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City of Los Angeles Bankruptcy may be coming

Credit:siepr.stanford.edu

A City of Los Angeles bankruptcy could be nearing, with the city a victim of the same unfunded public pension liabilities that are crippling municipalities like Stockton and San Bernardino across California, and elsewhere as well.

A Stanford study sums up the dismal figures. The percentage growth for spending on pensions is greater than that for public safety.

Who could have possibly predicted a City of Los Angeles bankruptcy??? Former LA Mayor Riordan, that’s who…

But the tired game of pretend and extend continues, with the mayor and city council pretending all is fine while using accounting tricks and loans to extend the problem further down the road.

  • http://twitter.com/Coinspinn3r Coinspinner

    Forget fiscal sanity, we need to spend millions of dollars and hour and hours of debate over harmless houseplants.

    • Steve G

      What we need is cities to stop giving these enormous pension benefits to new government employees. I mean ok, there are promises made on the past that really shouldn’t have been made, but they were, so I don’t begrudge those people their promised pensions when they retire. However some of the same benefits are being promised to new hires. We can’t afford to keep this going on like this. It’s not fiscally sustainable and the only solution is for the city to go bankrupt and screw people out of their pensions. Oh wait, then it’s the State that will have to pick up the tab, right? Eventually the state will have to file for bankruptcy too. Oh but there isn’t anything in the bankruptcy code for that, is there? Even if there isn’t, trust me, all that will change when the California government shuts down completely. So I don’t necessarily agree with you @Conspinner that we don’t need to spend millions of dollars and hours of debate over (virtually) harmless houseplants (aka marijuana), but at the same time it would be helpful to legalize the plant fully and tax it or else people that depend on their pensions to retire are going to have to go back to work when the state of California eventually shuts down. At a time when we need more jobs and not less, can we really afford to spend billions on fighting marijuana for recreational use when we can tax it and help stop cities all over the state of California from going bankrupt? I mean ok, let’s give the marijuana debate a reprieve for discussion for a while, but why not discuss industrial hemp which can’t get you high and makes wonderful products like plastics and rope and clothing and paper? Costs less to grown than trees, takes less time to grow than trees, is better fiber than trees, and creates more yield per acre and requires no pesticides, unlike cotton. Not to mention that if you spread around industrial hemp, everybody that has outdoor illegal grows of medicial marijuana would find their crop turn into industrial hemp in 1 to 2 grow cycles. Great for stopping the illegals from crossing the border and growing in our national forests if industrial hemp was growing all over the forests too. Talk about the costs you could save by planing industrial hemp in the forests instead of trying to find these illegal gardens. Let nature take care of the problem. :)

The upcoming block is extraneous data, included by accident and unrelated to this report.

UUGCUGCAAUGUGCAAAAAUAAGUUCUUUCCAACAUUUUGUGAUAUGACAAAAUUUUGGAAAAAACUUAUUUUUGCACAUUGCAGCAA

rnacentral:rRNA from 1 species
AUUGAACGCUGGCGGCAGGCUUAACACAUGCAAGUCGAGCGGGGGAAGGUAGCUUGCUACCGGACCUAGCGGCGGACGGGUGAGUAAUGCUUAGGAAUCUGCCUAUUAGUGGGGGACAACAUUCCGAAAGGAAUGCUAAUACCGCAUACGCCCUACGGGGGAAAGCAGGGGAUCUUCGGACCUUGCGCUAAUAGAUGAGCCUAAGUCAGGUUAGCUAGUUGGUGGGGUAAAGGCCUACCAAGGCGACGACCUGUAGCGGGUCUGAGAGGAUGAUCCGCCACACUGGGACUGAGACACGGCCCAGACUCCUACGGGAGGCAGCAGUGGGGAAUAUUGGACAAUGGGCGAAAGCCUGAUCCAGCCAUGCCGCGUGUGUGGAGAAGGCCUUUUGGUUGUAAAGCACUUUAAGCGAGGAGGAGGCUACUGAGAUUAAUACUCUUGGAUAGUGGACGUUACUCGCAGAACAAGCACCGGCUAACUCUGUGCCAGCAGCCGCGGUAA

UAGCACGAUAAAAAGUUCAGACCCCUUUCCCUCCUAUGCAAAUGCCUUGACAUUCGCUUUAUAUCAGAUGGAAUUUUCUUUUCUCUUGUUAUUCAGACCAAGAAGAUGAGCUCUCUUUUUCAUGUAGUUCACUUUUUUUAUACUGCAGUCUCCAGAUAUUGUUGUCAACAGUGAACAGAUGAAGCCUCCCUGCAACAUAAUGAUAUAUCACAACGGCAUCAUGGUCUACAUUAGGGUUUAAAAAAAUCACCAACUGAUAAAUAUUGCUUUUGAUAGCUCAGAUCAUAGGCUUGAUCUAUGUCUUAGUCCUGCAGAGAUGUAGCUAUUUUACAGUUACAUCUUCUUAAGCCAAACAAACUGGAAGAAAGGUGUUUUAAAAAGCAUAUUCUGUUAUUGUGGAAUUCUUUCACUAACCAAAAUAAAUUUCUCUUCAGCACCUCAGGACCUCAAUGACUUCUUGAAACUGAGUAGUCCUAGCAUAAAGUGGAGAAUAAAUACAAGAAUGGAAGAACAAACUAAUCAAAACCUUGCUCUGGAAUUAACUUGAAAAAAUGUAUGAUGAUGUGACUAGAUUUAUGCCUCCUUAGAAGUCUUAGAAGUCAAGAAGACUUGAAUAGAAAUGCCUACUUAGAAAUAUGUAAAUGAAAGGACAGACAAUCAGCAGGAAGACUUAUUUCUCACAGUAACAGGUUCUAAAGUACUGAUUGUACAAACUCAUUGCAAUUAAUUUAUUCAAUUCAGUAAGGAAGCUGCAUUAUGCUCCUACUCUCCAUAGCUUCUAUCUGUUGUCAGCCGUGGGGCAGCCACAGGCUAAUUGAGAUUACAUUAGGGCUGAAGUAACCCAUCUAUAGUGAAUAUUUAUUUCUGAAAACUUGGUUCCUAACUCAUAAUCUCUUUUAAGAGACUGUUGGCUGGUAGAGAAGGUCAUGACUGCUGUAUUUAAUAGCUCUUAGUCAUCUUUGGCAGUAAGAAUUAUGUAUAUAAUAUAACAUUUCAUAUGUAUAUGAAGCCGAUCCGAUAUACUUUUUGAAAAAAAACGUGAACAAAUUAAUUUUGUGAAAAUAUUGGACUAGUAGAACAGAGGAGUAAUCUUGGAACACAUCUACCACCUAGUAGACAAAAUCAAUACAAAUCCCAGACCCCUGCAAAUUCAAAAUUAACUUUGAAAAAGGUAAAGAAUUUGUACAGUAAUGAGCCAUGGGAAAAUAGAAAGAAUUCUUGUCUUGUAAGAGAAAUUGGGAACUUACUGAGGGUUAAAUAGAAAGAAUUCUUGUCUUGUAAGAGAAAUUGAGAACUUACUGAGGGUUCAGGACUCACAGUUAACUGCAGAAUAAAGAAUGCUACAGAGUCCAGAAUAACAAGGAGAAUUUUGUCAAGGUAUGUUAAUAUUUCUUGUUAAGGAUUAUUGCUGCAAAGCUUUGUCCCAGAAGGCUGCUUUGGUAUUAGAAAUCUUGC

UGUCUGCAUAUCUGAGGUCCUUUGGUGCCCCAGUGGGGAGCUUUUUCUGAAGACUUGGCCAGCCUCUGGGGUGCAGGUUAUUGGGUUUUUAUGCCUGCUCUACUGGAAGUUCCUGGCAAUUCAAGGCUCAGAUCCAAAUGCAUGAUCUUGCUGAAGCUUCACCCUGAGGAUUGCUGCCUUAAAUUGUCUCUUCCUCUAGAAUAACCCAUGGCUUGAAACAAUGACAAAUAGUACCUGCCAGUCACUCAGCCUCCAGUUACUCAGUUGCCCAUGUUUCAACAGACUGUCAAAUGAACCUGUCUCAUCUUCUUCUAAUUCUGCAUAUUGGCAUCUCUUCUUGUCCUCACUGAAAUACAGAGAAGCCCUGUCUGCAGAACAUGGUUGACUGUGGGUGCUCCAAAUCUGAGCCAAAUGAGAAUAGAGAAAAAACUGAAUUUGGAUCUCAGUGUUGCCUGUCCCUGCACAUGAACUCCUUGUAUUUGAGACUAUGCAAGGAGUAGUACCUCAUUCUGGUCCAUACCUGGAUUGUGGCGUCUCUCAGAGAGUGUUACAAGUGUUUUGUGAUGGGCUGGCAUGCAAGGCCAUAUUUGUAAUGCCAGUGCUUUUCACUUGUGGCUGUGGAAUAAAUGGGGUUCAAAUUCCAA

• http://polizeros.com/ Bob Morris

        The pensions are locked in, the only thing that can dislodge them is a bankruptcy judge.

        • Steve G

          Does that mean if the California government shuts down it’s up to the federal government to pay up for these pensions? And what happens to California if shuts down? Does it disband from the Union?

          • DJ

            Sweet dreams are made of this. But no, according to a SCOTUS case (Texas v. White) a state can only secede through revolution or through consent of the other states.

          • Steve G

            This wouldn’t be a succession, it would be The state is broke with no money in their accounts. The police won’t go to work because they won’t be paid. All government programs and services will be shut down. No fire fighters, no nothing to do with government. The nightmare that almost happened many times before would actually happen this time. What would happen then is what I’m asking. Would the Federal government step in and take control of California?

          • DJ

            So far as I know there’s no mechanism for that – it would be a direct violation of the Constitution, but these days that’s a regular occurrence. So, would CA be left to fend for itself, likely falling into some kind of chaotic warlordism, or would it be nationalized? Neither possibility bodes well for the future of the nation. Or would it be sold to the highest-bidding corporation? That is perhaps the most frightening possibility of all – not just corporatocracy, but government by corporation!

          • Steve G

            But if these corporations you speak of were traded on the open market then anybody could buy stock and own a piece of the state. I guess that since nobody has ever though of that day coming where any state no longer had a government to run it, there really are no provisions for it. Well if this keeps up much longer we just might find out what exactly our federal government will do if anything at all, or if they even can do anything.

          • http://polizeros.com/ Bob Morris

            Nobody knows what would happen. There’s no mention in the law about states filing bankruptcy. California would probably settle with bondholders for pennies on the dollar.

  • http://polizeros.com/ Bob Morris

    The only real answer is that the bondholders take it in the shorts.

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